Cubase/Tascam/motu VS. Pro Tools/Digidesign

Discussion in 'Mixing & Song Critique' started by MrPhaSe, Nov 7, 2008.

  1. MrPhaSe

    MrPhaSe Active Member

    Nov 5, 2008
    Which do you choose?

    I'm debating on working with Pro tools and using a Digidesign C|24 as a control surface, and a 003 rack... Or going a cheaper route and using Cubase with a Tascam DM4800, and a motu interface

    I have had a little more experience with cubase, a little easier for me to work with, but what do you guys think?
    Is it that big of a difference?

    Has anyone here ever been to a pro studio running cubase?

  2. GeckoMusic

    GeckoMusic Guest

    You certainly don't need Pro Tools to have a Pro studio. If Cubase works for you why change? Does it do everything that you need?

    That being said. I love Pro Tools.
  3. EricWatkins

    EricWatkins Active Member

    Feb 10, 2007
    Decatur Il
    I'm running Cubase 4 with a MOTU 2408. I use the DM-4800 as a front end via 24 channels of TDIF. It gives you a TON of routing options. However, the Tascam's transport functions arent 100% perfect when working with Cubase. Close but not quite. For instance, I cant seem to get the locate buttons to work. Just my 2 cents.

  4. AwedOne

    AwedOne Guest

    I'm using Cubase 4 with a Tascam Fw-1082 mainly for the transport controls. It works just fine for me. I also use a wireless keyboard and can use it as transport controls also.

    I too have 3 Motu 2408s that I use for I/O to a Tascam analog console.

    Of course, this is just for my personal use. I'm not trying to impress clients. From what I've read here, and on other forums, the main reasons for choosing to go with PT are the portability, plug-ins, and the "Oh, they must be a pro studio, they have Pro Tools" factor.
  5. TopherNeverDies

    TopherNeverDies Active Member

    Aug 14, 2008
    I use protools and it doesn't let me down. However I just moved to Tucson Arizona from L.A. and the majority of studios here use Cubase. In the end it's YOU that matters most. Pick the option that suites you best and allows you to make killer recordings.

  6. fourone3

    fourone3 Active Member

    Jan 17, 2007
    I agree with Christopher. Whatever works for you, stick with it. If you're more comfortable with one over the other, who cares what other studios are using, unless you need to go back and forth constantly with them.

    Having said that, though, I had Cubase with the FW-1884 and ditched it for the 003 Factory.

    My main reason was because I found it seemingly pointless to have an interface/control surface where only 10% of its function was used. With the 003 everything maps out 100% (obviously).
  7. UncleBob58

    UncleBob58 Active Member

    Apr 9, 2003
    Fairfield County, CT
    Home Page:
    The biggest influence on your decision will be your client base. In most of the major metro areas if you DO NOT have Pro Tools on your equipment list you will have a hard time getting work.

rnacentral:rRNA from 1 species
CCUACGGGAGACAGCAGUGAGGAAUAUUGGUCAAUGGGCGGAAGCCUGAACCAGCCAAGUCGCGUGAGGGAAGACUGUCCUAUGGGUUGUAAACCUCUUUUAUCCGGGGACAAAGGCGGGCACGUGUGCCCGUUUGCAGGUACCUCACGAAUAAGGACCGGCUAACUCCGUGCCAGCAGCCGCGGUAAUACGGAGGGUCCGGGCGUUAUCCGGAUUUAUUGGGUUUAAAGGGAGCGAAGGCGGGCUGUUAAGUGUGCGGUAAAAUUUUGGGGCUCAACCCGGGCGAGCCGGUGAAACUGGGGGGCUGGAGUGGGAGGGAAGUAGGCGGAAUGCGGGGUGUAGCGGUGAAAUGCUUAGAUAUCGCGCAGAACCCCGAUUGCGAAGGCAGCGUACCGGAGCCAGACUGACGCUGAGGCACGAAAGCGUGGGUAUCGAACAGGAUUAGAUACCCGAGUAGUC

Here in the NY Metro area the big budget clients don't care what you use, as long as the final product is great, but the mid to low budget clowns only know the name Pro Tools and won't work with anything else (as if they would know the difference). A lot of studios often have some form of PTLE on the equipment list just so the potential clients see "PRO TOOLS" and then use their DAW of choice for the sessions, and the client almost never notices.
  8. Tom Fodor

    Tom Fodor Active Member

    Jun 25, 2003
    Queensland Australia
    I have too agree with you UncleBob, The whole Pro tools marketing machine thing is getting out of hand. I use a DM4800 with Logic 9 and can safely say that the quality of my finished mixes is just as good as those done by bigger Pro tools equipped studios with high end converters and racks of high end gear. The key to getting professional results is simply using your bloody ears and being fussy! Don't cut corners with your studio acoustics, don't rush you mic placements, don't try and fix it in the mix, and above all listen to what your clients actually want! If something sounds less than ideal, record it again before using it in the mix. A twenty thousand dollar Pro tools HD system with all the best outboard gear won't make any difference if you don't do your job right. Chances are it's all going to be sold as 16Bit 44.1Khz CD dribble, converted to Mp3 an a $200 pc and then played on a $29.00 shelf stereo in some kids perfectly square bedroom.
  9. Jeemy

    Jeemy Well-Known Member

    Sep 19, 2003
    +1 for Da Truth. I run Cubase and have done since I was a kiddy on an Atari ST. However we have a small Pro Tools 2 rig so that when the question is asked 'Do you have Pro Tools' we can say yes. Its used for live recording of demos and outboard recording as a remote studio. When everything comes home, it comes onto Cubase for mixing. And when I go out, I go out with a JLM TMP8 and an RME Fireface. Pro Tools be damned.

    I also bought a U87 despite knowing I could get more bang for the buck for the dollar, that said, I wouldn't be without my U87 for both reasons - I get to answer 'Yes' when they ask, and its a great mic.

    Pro Tools is fine, but its not that great. When you are on a budget I'd steer you towards Cubase if your bag is audio, and Logic if your bag is Macs and programming. You can make a great Cubase-based system with a ton more flavour for much less money.
  10. ocdstudios

    ocdstudios Active Member

    Nov 3, 2009
    THAT is funny, but very, very true...!! Just look at "Crank-dat Soulja boy" or what ever that song is called... You Tube has destroyed Hi-Fi sound!
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